November 18-24 is Antibiotic Awareness Week. Antibiotics save countless lives every year, and have been one of the most significant developments in the medical field in the last century. However, using them too frequently or when not needed can have serious consequences. Dr. Raghavendra Tirupathi, Medical Director of Keystone Infectious Diseases, shares some important information about how to protect yourself by using antibiotics safely.
What are antibiotics?
Antibiotics are medicines that help to stop infections caused by bacteria by killing the bacteria or by stopping bacteria from reproducing. Many times when people are sick, they expect their medical provider to prescribe them an antibiotic. For certain types of infections, antibiotics are extremely effective. However, antibiotics can only treat bacterial infections; they do not help infections caused by viruses. If you take antibiotics when they not necessary, it can lead to antibiotic resistance.
What is antibiotic resistance?
Antibiotic resistance is when bacteria change or adapt to the antibiotic, meaning the antibiotic will no longer be helpful against the virus. This is usually caused by using antibiotics too often or when they are not needed.
Using antibiotics responsibly could save your life. When bacteria become resistant to certain antibiotics, there are fewer options to treat deadly infections. Even minor infections can have fatal outcomes when effective antibiotics aren’t available. In the United States, antibiotic resistant bacterial infections lead to 23,000 deaths and more than 2 million illnesses annually.
What causes antibiotic resistance?
Some of the main causes of antibiotic resistance are: patients not taking antibiotics as prescribed or taking someone else’s antibiotics, healthcare providers prescribing antibiotics when they are not needed, patients not finishing their entire dosage of antibiotics, poor infection control in hospitals and clinics, unnecessary antibiotic use in agriculture and poor hygiene and sanitation practices.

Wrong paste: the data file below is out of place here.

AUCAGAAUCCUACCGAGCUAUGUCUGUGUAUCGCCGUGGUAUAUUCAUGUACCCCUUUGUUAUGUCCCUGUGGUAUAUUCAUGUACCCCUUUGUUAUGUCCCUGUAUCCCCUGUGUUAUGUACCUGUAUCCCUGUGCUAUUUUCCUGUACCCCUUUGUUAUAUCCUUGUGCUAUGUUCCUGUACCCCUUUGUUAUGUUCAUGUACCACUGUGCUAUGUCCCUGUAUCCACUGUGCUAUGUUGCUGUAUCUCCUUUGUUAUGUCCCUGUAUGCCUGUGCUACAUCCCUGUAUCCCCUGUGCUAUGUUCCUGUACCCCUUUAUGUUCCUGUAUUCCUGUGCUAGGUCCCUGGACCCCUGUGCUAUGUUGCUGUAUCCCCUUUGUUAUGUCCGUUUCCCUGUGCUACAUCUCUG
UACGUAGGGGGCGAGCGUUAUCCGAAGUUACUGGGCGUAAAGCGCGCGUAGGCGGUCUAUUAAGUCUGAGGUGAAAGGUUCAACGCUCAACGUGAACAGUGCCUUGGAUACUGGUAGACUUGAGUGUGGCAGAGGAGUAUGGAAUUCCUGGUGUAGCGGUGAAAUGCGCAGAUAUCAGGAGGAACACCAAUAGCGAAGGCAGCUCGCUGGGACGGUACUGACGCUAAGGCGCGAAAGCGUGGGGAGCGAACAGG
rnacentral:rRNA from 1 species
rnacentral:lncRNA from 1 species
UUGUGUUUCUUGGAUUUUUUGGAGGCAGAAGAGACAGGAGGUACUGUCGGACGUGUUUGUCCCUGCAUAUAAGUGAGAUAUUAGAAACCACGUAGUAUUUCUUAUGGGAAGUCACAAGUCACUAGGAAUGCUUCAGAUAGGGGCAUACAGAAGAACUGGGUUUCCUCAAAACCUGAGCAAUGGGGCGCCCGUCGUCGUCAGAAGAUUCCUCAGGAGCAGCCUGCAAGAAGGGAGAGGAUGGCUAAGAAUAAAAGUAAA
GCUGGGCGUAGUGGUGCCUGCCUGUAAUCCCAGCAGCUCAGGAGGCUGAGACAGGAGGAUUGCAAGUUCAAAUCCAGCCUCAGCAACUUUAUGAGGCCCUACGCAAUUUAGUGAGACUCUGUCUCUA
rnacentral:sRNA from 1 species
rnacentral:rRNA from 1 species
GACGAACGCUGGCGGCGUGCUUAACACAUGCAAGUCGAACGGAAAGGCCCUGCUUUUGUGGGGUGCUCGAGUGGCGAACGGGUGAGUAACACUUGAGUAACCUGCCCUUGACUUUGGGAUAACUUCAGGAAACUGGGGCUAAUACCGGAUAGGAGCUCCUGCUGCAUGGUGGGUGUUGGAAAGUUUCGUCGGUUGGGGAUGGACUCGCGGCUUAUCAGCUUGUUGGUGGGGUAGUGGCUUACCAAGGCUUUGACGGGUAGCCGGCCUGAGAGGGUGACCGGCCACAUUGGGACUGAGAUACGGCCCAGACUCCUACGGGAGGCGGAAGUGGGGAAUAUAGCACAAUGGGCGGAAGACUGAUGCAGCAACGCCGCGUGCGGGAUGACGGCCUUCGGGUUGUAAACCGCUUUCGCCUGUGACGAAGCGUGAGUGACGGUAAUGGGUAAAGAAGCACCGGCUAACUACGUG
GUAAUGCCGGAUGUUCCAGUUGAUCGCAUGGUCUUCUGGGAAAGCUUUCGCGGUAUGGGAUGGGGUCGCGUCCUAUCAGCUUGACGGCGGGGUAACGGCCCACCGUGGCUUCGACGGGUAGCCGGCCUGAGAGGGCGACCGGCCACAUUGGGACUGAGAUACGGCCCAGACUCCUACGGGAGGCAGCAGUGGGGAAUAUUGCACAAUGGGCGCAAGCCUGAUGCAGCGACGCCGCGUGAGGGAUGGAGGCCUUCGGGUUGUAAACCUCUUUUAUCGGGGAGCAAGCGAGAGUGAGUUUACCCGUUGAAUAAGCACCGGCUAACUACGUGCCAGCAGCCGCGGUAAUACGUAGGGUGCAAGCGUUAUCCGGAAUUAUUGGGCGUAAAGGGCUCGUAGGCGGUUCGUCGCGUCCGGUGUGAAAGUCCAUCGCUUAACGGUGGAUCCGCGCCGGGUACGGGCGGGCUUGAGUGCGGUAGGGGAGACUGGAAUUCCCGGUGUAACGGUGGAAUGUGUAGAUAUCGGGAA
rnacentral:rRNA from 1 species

How do I know if I need an antibiotic?
If you are ill and think an antibiotic may be necessary, always consult your healthcare provider and let them make that decision. Many common illnesses are caused by viruses, and taking antibiotics for these infections can do harm.
Some common conditions that are caused by bacteria that do require antibiotics are: strep throat, urinary tract infections and whooping cough.
Some common conditions that may require antibiotics are: sinus infections and middle ear infections.
Some common conditions that are caused by viruses and do not require antibiotics are: common colds, runny noses, bronchitis or chest colds in otherwise healthy patients, the flu and sore throats (that are not strep).
What are some ways to feel better when I don’t need antibiotics?
Some people get upset when their provider does not prescribe antibiotics, but he or she is doing that in your best interest when antibiotics will not be helpful. For viral infections, you can try over-the-counter medications (make sure you follow the directions carefully) while getting a lot of rest and drinking plenty of fluids. Upper respiratory infections (including sinus infections, ear infections, colds and bronchitis), can be soothed by using saline nasal spray or drops, avoiding smoking and secondhand smoke, breathing in steam from a hot bowl of water or shower, taking an over-the-counter pain reliever or decongestant and a warm, moist cloth over aching sinuses or ears.
For sore throats, try drinking warm beverages, gargling with salt water, using sore throat spray, and sucking on ice chips, popsicles or lozenges (for those not at risk of choking). For coughs, humidifiers or vaporizers, breathing in steam, lozenges and honey may provide some relief. (Never give honey to a child under 1 year of age.)
What can I do to protect myself from antibiotic resistance?
If your provider does prescribe you antibiotics, make sure you are closely following the directions. Finish the entire dosage, even if you are starting to feel better. Your healthcare provider should prescribe you the shortest period of antibiotics needed. Talk to your doctor if you have any questions or develop side effects to your antibiotics, including diarrhea, as it could be a sign of infection.
To combat antibiotic resistance, people should never share antibiotics, should practice good hygiene (wash your hands frequently, cover coughs, stay home when sick, etc.) and get recommended vaccinations, including the flu vaccine.
If healthcare providers and patients work together to use antibiotics responsibly, we can cut down the number of deaths from resistance and can assure these life-saving medications will be available to future generations. Please do your part in our battle against antibiotic resistance.
This article contains general information only and should not be used as a substitute for professional diagnosis, treatment or care by a qualified health care provider.